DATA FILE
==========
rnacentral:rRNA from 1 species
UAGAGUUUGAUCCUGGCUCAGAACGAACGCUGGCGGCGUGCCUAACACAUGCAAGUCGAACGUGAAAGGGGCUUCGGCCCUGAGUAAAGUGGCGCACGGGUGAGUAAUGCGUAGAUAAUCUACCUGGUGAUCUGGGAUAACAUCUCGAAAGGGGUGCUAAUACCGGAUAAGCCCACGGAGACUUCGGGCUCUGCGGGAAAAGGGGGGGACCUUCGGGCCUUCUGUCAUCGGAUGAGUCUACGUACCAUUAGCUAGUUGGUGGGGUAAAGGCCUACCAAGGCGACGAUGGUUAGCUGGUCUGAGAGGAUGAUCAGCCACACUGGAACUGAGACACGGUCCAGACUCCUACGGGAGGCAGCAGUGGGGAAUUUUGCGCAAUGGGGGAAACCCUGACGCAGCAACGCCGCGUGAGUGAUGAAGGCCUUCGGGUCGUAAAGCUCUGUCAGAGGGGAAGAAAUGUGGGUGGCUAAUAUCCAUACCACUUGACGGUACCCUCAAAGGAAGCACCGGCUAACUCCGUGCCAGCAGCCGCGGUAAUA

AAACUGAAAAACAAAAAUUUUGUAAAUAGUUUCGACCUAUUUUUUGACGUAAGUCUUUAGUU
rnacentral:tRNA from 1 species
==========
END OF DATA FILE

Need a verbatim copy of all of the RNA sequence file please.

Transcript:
rnacentral:rRNA from 1 species
UAGAGUUUGAUCCUGGCUCAGAACGAACGCUGGCGGCGUGCCUAACACAUGCAAGUCGAACGUGAAAGGGGCUUCGGCCCUGAGUAAAGUGGCGCACGGGUGAGUAAUGCGUAGAUAAUCUACCUGGUGAUCUGGGAUAACAUCUCGAAAGGGGUGCUAAUACCGGAUAAGCCCACGGAGACUUCGGGCUCUGCGGGAAAAGGGGGGGACCUUCGGGCCUUCUGUCAUCGGAUGAGUCUACGUACCAUUAGCUAGUUGGUGGGGUAAAGGCCUACCAAGGCGACGAUGGUUAGCUGGUCUGAGAGGAUGAUCAGCCACACUGGAACUGAGACACGGUCCAGACUCCUACGGGAGGCAGCAGUGGGGAAUUUUGCGCAAUGGGGGAAACCCUGACGCAGCAACGCCGCGUGAGUGAUGAAGGCCUUCGGGUCGUAAAGCUCUGUCAGAGGGGAAGAAAUGUGGGUGGCUAAUAUCCAUACCACUUGACGGUACCCUCAAAGGAAGCACCGGCUAACUCCGUGCCAGCAGCCGCGGUAAUA

AAACUGAAAAACAAAAAUUUUGUAAAUAGUUUCGACCUAUUUUUUGACGUAAGUCUUUAGUU
rnacentral:tRNA from 1 species